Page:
A small rural Victorian charity has raised almost half a million dollars for breast cancer research.

Story Sue Wallace  Photos Guy and Catherine Cameron

Jill McKinnon couldn’t have imagined how the Rangers, a small group she founded in 1995 in north-east Victoria to bring country women together, would grow to hundreds of members and raise hundreds of thousands of dollars for breast cancer research.

Outgoing president Georgina Burston, of Benalla, says Jill, who is now in care, was living on a farm near Violet Town when she formed the group. “Her plan was to provide a meeting place for country women in beautiful gardens and venues, where everyone could listen to interesting and inspiring guest speakers, with any fundraising going to breast cancer research. All they had to take was a chair and a sandwich on the day.”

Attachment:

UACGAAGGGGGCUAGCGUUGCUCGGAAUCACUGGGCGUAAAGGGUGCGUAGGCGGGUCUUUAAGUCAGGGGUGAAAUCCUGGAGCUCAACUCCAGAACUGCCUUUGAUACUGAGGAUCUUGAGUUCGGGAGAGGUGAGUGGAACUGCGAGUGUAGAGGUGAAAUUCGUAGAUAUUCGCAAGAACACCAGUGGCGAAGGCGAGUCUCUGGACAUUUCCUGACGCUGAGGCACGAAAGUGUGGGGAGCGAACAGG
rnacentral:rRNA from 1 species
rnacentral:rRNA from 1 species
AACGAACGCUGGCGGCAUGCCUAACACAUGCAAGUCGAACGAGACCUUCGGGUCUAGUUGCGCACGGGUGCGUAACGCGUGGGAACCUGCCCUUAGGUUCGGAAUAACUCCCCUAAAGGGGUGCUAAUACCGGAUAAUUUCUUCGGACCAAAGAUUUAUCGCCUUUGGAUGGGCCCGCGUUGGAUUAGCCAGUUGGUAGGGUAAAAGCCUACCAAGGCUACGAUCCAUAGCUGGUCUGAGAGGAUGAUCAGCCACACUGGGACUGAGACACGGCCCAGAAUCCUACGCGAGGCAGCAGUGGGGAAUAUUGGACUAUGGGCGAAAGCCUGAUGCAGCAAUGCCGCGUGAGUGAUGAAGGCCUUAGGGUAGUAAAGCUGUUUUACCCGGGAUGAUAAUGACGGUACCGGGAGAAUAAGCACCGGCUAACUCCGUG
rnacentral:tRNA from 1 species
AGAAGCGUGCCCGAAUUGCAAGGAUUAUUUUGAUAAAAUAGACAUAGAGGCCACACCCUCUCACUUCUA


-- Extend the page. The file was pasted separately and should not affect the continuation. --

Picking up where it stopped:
The first Rangers’ newsletter was mailed out in 1995 inviting friends to join the new group and a month later more than 60 women had signed up. Now, with more than 370 members, the Rangers Foundation has given more than $450,000 for breast cancer research via the Royal Melbourne Hospital Foundation, through raffles, subscriptions, ticket sales and donations. The membership base encompasses all ages, and includes people from throughout Victoria and NSW.

“The Rangers Foundation is a small but successful not-for-profit organisation that is still about ‘friendraising’ – the reason for its being – as well as fundraising,” Georgina says. “Bringing country and regional people together to socialise and have a day out together is a formula that works, with the Rangers continuing to grow and we have just welcomed our first male member, Jack Good from Moyhu.” Jack says he is keen to enjoy the beautiful gardens, interesting guest speakers and raise money for such a good cause, and he would encourage other men to join

This story excerpt is from Issue #155

Outback Magazine: June/July 2024